Moon sat the miscreants in a pair of Tillie's uncomfortable straight-backed chairs, then straddled a similar piece of furniture. He assumed his professional expression of “sorrow at being a witness to this disgraceful conduct” and addressed the Ute first. “Curtis, you're an embarrassment to the People. What's the matter with you?”

The one-legged Indian rubbed at his injured eye and glared at the skinny white man with the one that worked. “This little blue-eyed devil cheated me on a bet—he put some stuff in my pocket when I wasn't lookin' and then he pretended to have X-ray vision—like Superman!” His injured expression appealed mutely to the police officer. Would a real human being do such an unspeakable thing?

“I never did no such thing,” Flye lied. “This whiner tried to welch on an honest bet. Where I come from, that's the
worstest
thing a man can do.” The stranger, who held a grimy handkerchief over his chewed ear, thrust a daggerlike finger at the one-legged Ute. “Welcher!”

Moon noticed that one digit was missing from the bloody hand. “You lose a finger in the fight?”

Flye shook his head.

“He claims a bear bit it off,” Curtis Tavishuts said with a sneer. “That fuzzy-faced bastard can't open his mouth without lyin'.”

Moon raised an eyebrow at the skinny, bearded man. “Just where do you come from?”

Chewed Ear puffed out his thin chest. “Arkansas.”

“Hah,” the Ute said. “Damn hillbilly from Dogpatch.”

Moon aimed a warning glance at Tavishuts, then returned his attention to the man from Arkansas. “What's your name?”

The white man spoke without taking his baleful gaze off the surly Ute. “Horace Flye.”

“Horsefly,” Tavishuts said derisively, and spat on the floor.

“Injun welcher,” the man from Arkansas responded, and also spat on the floor.

Tillie bellowed: “Either one of you dummies spits on the premises agin', you'll be cleaning it up with your tongue.”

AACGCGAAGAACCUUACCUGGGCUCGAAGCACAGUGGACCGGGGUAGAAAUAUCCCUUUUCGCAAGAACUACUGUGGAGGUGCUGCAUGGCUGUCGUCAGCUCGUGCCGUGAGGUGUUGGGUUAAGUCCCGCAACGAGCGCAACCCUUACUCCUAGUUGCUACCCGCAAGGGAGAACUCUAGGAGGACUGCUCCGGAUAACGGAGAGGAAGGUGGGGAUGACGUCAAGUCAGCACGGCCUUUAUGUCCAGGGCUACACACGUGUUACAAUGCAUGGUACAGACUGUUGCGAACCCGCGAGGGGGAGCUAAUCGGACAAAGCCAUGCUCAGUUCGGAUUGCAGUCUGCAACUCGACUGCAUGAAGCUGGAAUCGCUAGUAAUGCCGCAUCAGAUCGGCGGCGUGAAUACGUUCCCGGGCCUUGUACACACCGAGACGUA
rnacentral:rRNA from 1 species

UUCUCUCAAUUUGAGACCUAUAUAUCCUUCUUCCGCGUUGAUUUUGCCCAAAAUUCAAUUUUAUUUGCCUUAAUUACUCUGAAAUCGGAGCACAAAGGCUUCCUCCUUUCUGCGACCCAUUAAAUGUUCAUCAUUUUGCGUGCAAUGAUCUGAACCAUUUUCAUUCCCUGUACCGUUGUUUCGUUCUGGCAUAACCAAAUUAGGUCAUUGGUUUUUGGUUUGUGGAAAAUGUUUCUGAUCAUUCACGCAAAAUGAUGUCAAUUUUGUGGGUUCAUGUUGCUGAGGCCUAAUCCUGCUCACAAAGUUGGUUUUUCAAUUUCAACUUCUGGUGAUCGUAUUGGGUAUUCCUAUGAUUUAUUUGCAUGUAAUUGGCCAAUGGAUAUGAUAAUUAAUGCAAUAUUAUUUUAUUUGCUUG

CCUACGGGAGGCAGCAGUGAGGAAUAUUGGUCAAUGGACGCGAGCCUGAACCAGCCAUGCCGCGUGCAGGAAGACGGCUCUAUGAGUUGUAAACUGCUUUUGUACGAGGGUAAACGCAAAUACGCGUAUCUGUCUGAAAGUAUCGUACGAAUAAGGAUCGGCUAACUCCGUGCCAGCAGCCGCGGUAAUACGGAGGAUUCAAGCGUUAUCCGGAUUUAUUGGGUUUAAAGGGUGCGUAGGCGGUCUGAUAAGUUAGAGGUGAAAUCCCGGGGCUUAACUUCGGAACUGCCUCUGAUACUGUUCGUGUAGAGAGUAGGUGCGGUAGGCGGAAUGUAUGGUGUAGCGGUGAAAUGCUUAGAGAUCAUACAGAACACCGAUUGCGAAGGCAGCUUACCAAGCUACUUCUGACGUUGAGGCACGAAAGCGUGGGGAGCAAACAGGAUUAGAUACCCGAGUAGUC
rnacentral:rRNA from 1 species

“Blue-eyed devil,” the Ute muttered.

“One-legged cannybubble,” Horace hissed.

Moon sighed. A lot of children were walking around in men's bodies. “Now both of you keep quiet long enough to listen to what I've got to say.” He gave Curtis Tavishuts a hard look. “You know the routine. This disturbance occurred out of tribal jurisdiction but we've got an agreement with the Ignacio town police about arresting Native Americans. So I'll take
you over to SUPD and put you in the lockup till we can sort this out.”

Tavishuts grunted to show his indifference. The SUPD can was like a second home. And the meals were catered by Angel's Cafe.

The Southern Ute policeman addressed the out-of-towner. “Mr. Flye, as you are not an Indian, you'll be taken into custody by the Ignacio town police who… well, speak of the Devil …”

The timing was fortuitous. Moon looked out a greasy window to see the freshly waxed Ignacio town police cruiser come to a halt, its tall mast antenna oscillating with a whish-whish sound. A moment later, the bearish form of Sergeant Bill McCullough kicked the door open. He stood there, ten paces from the pair of bar-brawlers. Like an executioner relishing the bloody task before him. The town policeman was shorter than Charlie Moon, barely topping six feet even in his thick-heeled black boots. But he had shoulders a yard wide. A long bullet-shaped head which—because he had no discernible neck—sat directly on the yard-wide shoulders. He peered through nasty little black eyes, set on each side of a long, broken nose. This was a cruel face that might have adorned a recruiting poster for a neo-Nazi organization. But it was all deception. Underneath the fearsome shell was a warm heart, a generous nature. And a wry sense of humor.